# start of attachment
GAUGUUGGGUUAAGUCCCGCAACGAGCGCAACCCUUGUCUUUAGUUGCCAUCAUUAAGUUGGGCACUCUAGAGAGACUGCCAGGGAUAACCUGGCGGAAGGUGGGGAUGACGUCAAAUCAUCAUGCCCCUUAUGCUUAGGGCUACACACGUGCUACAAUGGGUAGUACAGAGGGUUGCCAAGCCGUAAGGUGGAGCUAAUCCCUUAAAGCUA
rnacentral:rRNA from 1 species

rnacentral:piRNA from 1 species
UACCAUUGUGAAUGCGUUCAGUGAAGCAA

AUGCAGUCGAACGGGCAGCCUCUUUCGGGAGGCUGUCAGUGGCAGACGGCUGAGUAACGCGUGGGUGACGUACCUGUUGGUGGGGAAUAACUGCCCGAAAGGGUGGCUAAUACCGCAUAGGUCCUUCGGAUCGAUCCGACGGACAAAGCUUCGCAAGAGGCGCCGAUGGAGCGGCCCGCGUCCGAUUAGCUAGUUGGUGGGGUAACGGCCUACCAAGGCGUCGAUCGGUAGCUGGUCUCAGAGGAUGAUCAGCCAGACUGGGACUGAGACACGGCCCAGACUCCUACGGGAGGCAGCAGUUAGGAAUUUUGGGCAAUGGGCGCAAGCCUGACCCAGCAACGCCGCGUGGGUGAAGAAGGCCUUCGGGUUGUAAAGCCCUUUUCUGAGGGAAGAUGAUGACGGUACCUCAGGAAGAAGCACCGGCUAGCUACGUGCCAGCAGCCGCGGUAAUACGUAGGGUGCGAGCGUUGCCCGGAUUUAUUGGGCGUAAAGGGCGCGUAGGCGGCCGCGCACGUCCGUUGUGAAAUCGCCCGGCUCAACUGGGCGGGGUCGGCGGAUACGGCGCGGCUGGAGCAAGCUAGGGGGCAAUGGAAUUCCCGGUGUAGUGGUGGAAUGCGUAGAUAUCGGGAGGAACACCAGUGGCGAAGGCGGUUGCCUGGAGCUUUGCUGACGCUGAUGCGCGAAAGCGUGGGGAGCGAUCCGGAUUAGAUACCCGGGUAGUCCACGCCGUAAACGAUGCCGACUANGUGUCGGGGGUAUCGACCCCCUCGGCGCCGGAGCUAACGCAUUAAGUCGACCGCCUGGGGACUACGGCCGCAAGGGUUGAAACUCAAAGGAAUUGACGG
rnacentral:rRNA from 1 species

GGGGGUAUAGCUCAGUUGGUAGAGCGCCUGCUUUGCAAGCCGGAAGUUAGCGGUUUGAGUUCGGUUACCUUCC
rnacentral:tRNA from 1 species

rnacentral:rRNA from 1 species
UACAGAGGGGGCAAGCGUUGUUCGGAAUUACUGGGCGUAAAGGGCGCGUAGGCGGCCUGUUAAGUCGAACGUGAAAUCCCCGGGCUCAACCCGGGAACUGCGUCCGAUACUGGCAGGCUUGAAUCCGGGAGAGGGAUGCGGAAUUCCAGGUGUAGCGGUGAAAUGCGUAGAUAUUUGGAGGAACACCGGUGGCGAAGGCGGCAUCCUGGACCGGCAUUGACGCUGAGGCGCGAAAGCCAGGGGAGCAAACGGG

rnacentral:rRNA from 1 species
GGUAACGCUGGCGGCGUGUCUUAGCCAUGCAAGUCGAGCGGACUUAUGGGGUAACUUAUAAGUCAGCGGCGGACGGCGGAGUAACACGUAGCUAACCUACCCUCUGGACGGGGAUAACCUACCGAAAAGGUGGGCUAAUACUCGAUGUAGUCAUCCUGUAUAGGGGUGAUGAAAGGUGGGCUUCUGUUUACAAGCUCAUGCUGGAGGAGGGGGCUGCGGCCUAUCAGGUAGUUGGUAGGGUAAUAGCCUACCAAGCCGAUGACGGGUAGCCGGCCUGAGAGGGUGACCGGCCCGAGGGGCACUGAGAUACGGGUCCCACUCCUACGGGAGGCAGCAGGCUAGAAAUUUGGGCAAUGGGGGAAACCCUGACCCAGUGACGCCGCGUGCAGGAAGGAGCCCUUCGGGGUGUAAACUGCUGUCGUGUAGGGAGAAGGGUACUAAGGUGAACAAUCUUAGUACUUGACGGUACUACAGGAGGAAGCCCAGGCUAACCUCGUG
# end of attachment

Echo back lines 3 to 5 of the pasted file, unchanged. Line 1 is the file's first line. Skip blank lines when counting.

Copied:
rnacentral:piRNA from 1 species
UACCAUUGUGAAUGCGUUCAGUGAAGCAA

AUGCAGUCGAACGGGCAGCCUCUUUCGGGAGGCUGUCAGUGGCAGACGGCUGAGUAACGCGUGGGUGACGUACCUGUUGGUGGGGAAUAACUGCCCGAAAGGGUGGCUAAUACCGCAUAGGUCCUUCGGAUCGAUCCGACGGACAAAGCUUCGCAAGAGGCGCCGAUGGAGCGGCCCGCGUCCGAUUAGCUAGUUGGUGGGGUAACGGCCUACCAAGGCGUCGAUCGGUAGCUGGUCUCAGAGGAUGAUCAGCCAGACUGGGACUGAGACACGGCCCAGACUCCUACGGGAGGCAGCAGUUAGGAAUUUUGGGCAAUGGGCGCAAGCCUGACCCAGCAACGCCGCGUGGGUGAAGAAGGCCUUCGGGUUGUAAAGCCCUUUUCUGAGGGAAGAUGAUGACGGUACCUCAGGAAGAAGCACCGGCUAGCUACGUGCCAGCAGCCGCGGUAAUACGUAGGGUGCGAGCGUUGCCCGGAUUUAUUGGGCGUAAAGGGCGCGUAGGCGGCCGCGCACGUCCGUUGUGAAAUCGCCCGGCUCAACUGGGCGGGGUCGGCGGAUACGGCGCGGCUGGAGCAAGCUAGGGGGCAAUGGAAUUCCCGGUGUAGUGGUGGAAUGCGUAGAUAUCGGGAGGAACACCAGUGGCGAAGGCGGUUGCCUGGAGCUUUGCUGACGCUGAUGCGCGAAAGCGUGGGGAGCGAUCCGGAUUAGAUACCCGGGUAGUCCACGCCGUAAACGAUGCCGACUANGUGUCGGGGGUAUCGACCCCCUCGGCGCCGGAGCUAACGCAUUAAGUCGACCGCCUGGGGACUACGGCCGCAAGGGUUGAAACUCAAAGGAAUUGACGG